This video segment from 'Earth: The Operators' Manual' explores how we know that today's increased levels of CO2 are caused by humans burning fossil fuels and not by some natural process, such as volcanic out-gassing. Climate scientist Richard Alley provides a detailed step-by-step explanation that examines the physics and chemistry of different "flavors" or isotopes of carbon in Earth's atmosphere.

Activity in which students investigate what causes the seasons by doing a series of kinesthetic modeling activities and readings. Activity includes educator background information about how to address common misconceptions about the seasons with students.

This visualization is a map showing the global Climate Demography Vulnerability Index (CDVI) - areas of human population with the highest vulnerability to the impacts of climate change.

In this activity, students will practice the steps involved in a scientific investigation as they learn why ice formations on land (and not those on water) will cause a rise in sea level upon melting. This is a discovery lesson in ice and water density and displacement of water by ice floating on the surface as it relates to global climate change.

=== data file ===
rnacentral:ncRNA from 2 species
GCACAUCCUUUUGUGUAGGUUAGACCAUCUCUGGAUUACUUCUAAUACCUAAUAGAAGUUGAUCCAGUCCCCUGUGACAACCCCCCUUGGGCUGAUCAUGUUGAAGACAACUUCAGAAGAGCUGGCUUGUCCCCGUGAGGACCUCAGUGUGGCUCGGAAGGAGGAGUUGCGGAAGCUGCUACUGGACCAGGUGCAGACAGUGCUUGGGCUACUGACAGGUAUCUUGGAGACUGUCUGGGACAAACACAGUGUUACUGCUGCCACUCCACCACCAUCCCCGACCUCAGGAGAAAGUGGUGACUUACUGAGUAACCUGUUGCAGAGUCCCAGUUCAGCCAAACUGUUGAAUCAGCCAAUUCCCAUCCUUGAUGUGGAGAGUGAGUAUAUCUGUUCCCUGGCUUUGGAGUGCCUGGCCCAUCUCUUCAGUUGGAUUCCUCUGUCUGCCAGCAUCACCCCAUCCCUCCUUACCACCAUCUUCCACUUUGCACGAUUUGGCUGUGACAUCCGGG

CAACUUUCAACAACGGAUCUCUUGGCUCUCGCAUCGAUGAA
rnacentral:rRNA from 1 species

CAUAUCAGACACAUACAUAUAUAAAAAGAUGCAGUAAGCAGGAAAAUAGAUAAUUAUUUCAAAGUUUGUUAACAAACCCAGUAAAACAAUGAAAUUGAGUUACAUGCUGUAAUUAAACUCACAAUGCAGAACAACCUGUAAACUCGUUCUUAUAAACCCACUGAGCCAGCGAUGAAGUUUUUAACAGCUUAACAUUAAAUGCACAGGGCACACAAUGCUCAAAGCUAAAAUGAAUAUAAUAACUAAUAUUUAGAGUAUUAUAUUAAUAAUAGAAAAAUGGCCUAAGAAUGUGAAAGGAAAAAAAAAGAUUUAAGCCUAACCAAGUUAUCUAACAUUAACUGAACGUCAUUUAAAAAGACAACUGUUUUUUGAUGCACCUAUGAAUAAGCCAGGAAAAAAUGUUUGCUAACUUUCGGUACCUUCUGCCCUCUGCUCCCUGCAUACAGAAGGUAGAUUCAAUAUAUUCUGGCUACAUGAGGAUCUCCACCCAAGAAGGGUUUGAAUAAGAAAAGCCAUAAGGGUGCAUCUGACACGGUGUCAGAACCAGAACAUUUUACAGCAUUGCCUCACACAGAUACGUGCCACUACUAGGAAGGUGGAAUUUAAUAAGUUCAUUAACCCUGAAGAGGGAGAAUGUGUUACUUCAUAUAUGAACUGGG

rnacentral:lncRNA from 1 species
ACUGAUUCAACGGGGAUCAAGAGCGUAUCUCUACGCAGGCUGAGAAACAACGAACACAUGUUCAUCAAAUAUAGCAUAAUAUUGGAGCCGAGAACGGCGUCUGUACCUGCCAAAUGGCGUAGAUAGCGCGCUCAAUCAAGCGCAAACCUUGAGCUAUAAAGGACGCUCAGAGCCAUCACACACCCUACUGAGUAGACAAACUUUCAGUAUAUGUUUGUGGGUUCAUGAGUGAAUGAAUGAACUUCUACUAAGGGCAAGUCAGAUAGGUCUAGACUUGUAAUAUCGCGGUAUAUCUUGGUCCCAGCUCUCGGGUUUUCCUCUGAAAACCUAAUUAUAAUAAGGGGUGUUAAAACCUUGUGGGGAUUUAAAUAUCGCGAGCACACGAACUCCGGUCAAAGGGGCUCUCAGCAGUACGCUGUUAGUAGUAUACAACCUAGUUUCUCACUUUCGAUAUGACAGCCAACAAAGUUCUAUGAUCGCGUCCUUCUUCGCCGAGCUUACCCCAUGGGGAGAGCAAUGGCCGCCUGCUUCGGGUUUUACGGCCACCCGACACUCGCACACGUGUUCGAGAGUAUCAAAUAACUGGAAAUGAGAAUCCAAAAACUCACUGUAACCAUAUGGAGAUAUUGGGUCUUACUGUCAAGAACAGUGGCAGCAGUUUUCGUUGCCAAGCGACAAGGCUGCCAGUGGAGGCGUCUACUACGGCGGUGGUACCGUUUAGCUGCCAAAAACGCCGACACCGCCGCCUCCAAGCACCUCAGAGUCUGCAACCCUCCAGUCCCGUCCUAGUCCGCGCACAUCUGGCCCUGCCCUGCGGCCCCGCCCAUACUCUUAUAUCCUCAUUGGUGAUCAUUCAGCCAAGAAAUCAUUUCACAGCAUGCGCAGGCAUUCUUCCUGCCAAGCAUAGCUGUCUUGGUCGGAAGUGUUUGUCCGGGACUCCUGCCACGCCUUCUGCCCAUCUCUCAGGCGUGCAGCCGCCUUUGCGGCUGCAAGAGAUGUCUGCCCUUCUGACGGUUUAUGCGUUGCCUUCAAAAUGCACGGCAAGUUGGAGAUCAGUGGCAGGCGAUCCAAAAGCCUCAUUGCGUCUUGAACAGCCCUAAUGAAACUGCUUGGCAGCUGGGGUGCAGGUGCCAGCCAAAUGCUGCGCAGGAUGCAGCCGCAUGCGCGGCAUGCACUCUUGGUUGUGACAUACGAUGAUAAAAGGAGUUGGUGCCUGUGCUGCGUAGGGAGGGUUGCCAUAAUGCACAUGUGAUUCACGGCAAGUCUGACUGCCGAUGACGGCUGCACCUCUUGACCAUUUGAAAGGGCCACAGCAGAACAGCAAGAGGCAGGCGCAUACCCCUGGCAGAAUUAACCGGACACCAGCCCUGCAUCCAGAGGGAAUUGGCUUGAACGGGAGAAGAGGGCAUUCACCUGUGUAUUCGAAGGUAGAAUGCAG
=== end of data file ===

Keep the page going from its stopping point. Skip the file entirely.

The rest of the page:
This video montage of spectacular NASA satellite images set to music shows different types of ice and ice features as well as descriptions of satellite-based measurements of ice cover. Text captioning provides guidance as to issues related to changing global ice cover and its measurement.

This video reviews how increasing temperatures in the Arctic are affecting the path of the jet stream, the severity of storms, and the length of individual weather events (rain, storms, drought).

In this hands-on activity, participants learn the characteristics of the five layers of the atmosphere and make illustrations to represent them. They roll the drawings and place them in clear plastic cylinders, and then stack the cylinders to make a model column of the atmosphere.

This short video describes the Hestia project - a software tool and data model that provide visualizations of localized CO2 emissions from residential, commercial, and vehicle levels, as well as day versus night comparisons, in the city of Indianapolis.

This video provides a simple introduction to wind turbines and how they generate electricity.

This is the seventh of nine lessons in the 'Visualizing and Understanding the Science of Climate Change' website. This lesson addresses climate feedback loops and how these loops help drive and regulate Earth's unique climate system.